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UC Gardening Blogs

Bohart Museum Open House: How to Pin a Butterfly

Entomologist Jeff Smith curates the butterfly and moth collection at the Bohart Museum of Entomology. (Photo by Kathy Keatley Garvey)

When the UC Davis Bohart Museum of Entomology hosts an open house, "Insects and U" on Sunday...

Posted on Tuesday, September 19, 2017 at 5:52 PM

Keeping cows cool with less water and energy

Innovative cooling technologies tested on dairy cows at UC Davis are addressing the long-standing challenge of keeping dairy cows cool in heat-stressed California.

Standard livestock cooling methods, such as fans and sprinkling cows with water, require significant amounts of electricity and water. The new technologies, being tested at UC Davis by the Western Cooling Efficiency Center and the Department of Animal Science, are designed to reduce water by up to 86 percent and electricity by up to 38 percent over conventional methods.

Milk production and heat stress

Milk is the most valued agricultural commodity in California, with $9.4 billion in retail sales in 2014. Roughly one in every five dairy cows in the nation lives in California. In addition to disturbing the cow, heat stress is a major cause of diminished milk production in dairy cows, with annual losses directly related to heat stress exceeding $800 million.

“The process of rumination, where cows ferment their food, produces a lot of heat, as does milk production itself,” said Cassandra Tucker, a professor in the Department of Animal Science who focuses on dairy cattle welfare. “When the outside temperatures also rise, it's a challenge for the animal in how she's going to try to keep cool. This project is trying to reduce the energy and water use associated with that to help both the cows and the dairy producers.”

How it works

The technologies involve two approaches. The first is conduction cooling, where the bedding area is cooled using heat exchange mats placed where cows lie down. To reduce energy consumption, water flowing through the mats is cooled through a novel evaporative chiller called a Sub-Wet Bulb Evaporative Chiller.

The second approach is targeted convection cooling, which uses fabric ducting to direct cool air onto the cows while they lie down and when they eat. The air is cooled using a high-efficiency direct evaporative cooler.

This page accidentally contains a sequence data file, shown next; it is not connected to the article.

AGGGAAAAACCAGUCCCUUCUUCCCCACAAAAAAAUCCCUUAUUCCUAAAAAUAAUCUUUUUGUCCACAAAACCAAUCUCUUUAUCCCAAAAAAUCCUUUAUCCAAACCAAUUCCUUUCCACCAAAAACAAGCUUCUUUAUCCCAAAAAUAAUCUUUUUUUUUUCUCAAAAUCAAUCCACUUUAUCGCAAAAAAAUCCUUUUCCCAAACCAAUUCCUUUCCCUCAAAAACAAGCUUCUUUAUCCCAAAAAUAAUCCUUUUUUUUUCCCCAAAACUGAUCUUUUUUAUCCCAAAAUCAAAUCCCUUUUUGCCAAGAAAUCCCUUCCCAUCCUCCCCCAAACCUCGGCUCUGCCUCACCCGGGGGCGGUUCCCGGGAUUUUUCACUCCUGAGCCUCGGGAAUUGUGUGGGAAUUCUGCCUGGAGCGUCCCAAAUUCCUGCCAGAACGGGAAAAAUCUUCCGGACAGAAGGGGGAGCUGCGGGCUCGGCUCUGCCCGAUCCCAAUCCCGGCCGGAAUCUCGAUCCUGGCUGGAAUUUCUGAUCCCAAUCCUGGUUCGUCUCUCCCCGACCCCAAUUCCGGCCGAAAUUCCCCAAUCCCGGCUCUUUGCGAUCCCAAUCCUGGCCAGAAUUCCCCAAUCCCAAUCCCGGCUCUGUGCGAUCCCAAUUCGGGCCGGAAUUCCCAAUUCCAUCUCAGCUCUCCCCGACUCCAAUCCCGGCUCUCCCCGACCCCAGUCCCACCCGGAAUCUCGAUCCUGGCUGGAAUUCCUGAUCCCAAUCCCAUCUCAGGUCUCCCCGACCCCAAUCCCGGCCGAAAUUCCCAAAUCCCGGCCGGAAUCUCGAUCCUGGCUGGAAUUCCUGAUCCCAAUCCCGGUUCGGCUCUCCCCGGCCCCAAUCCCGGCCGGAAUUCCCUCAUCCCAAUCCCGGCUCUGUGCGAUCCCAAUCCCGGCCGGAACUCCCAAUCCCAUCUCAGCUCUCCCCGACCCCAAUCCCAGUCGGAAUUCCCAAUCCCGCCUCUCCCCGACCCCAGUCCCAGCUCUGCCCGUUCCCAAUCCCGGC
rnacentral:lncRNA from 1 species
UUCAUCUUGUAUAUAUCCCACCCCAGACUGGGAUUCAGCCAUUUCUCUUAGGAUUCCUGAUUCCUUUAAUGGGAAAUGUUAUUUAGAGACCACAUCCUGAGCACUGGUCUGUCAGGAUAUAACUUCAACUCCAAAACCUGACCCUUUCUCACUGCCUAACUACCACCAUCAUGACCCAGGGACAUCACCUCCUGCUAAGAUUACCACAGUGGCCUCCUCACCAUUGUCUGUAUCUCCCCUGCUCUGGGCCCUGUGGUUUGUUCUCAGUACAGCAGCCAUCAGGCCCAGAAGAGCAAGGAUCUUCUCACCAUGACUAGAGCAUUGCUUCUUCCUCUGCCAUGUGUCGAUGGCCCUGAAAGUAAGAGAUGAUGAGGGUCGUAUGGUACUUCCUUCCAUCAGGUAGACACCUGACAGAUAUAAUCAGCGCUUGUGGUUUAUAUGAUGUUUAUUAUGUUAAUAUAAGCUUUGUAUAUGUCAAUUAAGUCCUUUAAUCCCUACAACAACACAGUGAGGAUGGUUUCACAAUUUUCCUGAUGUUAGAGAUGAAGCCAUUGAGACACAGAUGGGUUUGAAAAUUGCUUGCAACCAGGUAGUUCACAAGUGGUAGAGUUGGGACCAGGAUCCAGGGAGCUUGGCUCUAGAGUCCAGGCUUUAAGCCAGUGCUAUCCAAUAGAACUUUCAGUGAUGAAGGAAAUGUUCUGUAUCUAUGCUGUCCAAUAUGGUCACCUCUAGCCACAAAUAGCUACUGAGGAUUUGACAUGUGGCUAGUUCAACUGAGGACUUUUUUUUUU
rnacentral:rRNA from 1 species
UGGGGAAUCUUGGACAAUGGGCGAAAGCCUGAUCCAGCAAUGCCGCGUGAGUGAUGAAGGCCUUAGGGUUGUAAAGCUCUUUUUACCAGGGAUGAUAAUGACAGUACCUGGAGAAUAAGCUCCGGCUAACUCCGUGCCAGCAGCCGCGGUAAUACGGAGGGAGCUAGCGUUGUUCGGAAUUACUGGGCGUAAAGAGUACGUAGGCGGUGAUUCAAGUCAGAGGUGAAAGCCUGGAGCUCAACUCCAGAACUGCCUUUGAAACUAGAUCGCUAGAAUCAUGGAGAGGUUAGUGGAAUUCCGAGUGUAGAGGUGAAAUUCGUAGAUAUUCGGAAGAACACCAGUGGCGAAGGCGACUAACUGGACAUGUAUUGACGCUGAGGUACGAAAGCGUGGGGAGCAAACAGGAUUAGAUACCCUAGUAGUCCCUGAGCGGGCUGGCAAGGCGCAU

"This is an exciting research opportunity for UC Davis to combine our expertise in engineering with our expertise in animal science,” said Theresa Pistochini, senior engineer at the Western Cooling Efficiency Center. “There is significant potential to apply existing technologies in a novel way to reduce both energy and water used to cool dairy cows. Through this project we aim to design, test and demonstrate an efficient alternative.”

The project is part of a four-year, $1 million grant from the California Energy Commission to help improve water and energy efficiency in California's dairy industry. The data being collected now will help determine which technology the team should use to pilot at a commercial dairy in a future phase of the project.

Cows being cooled by a fan.

For more information, contact:

Kat Kerlin, UC Davis News and Media Relations, 530-752-7704, 530-750-9195 (cell), kekerlin@ucdavis.edu

Paul Fortunato, UC Davis Western Cooling Efficiency Center, 530-752-0280, 916-412-3022, pfortunato@ucdavis.edu

Posted on Tuesday, September 19, 2017 at 10:41 AM
  • Author: Kat Kerlin

The Day That The Beetles Invaded the Bohart

USDA Forest Research entomologist Steve Seybold (foreground) and UC Davis graduate student Corwin Parker peel bark to reveal larvae of bark beetles and wood borers. (Photo by Kathy Keatley Garvey)

Just call it "The Day that the Beetles Invaded the Bohart." That would be the recent open house at...

Posted on Monday, September 18, 2017 at 4:14 PM

What to do when Ants Invade

Odorous house ant. (Dong-Hwan Choe)

If you've ever had ants come indoors, you know what a nuisance they can be when they crawl across...

Posted on Monday, September 18, 2017 at 8:25 AM

Bohart Museum Open House: 'Insects and U'

A cabbage white butterfly, Pieris rapae, nectaring on catmint. (Photo by Kathy Keatley Garvey)

Mark your calendar! Here's an opportunity--especially for new students and prospective students at...

Posted on Friday, September 15, 2017 at 4:53 PM

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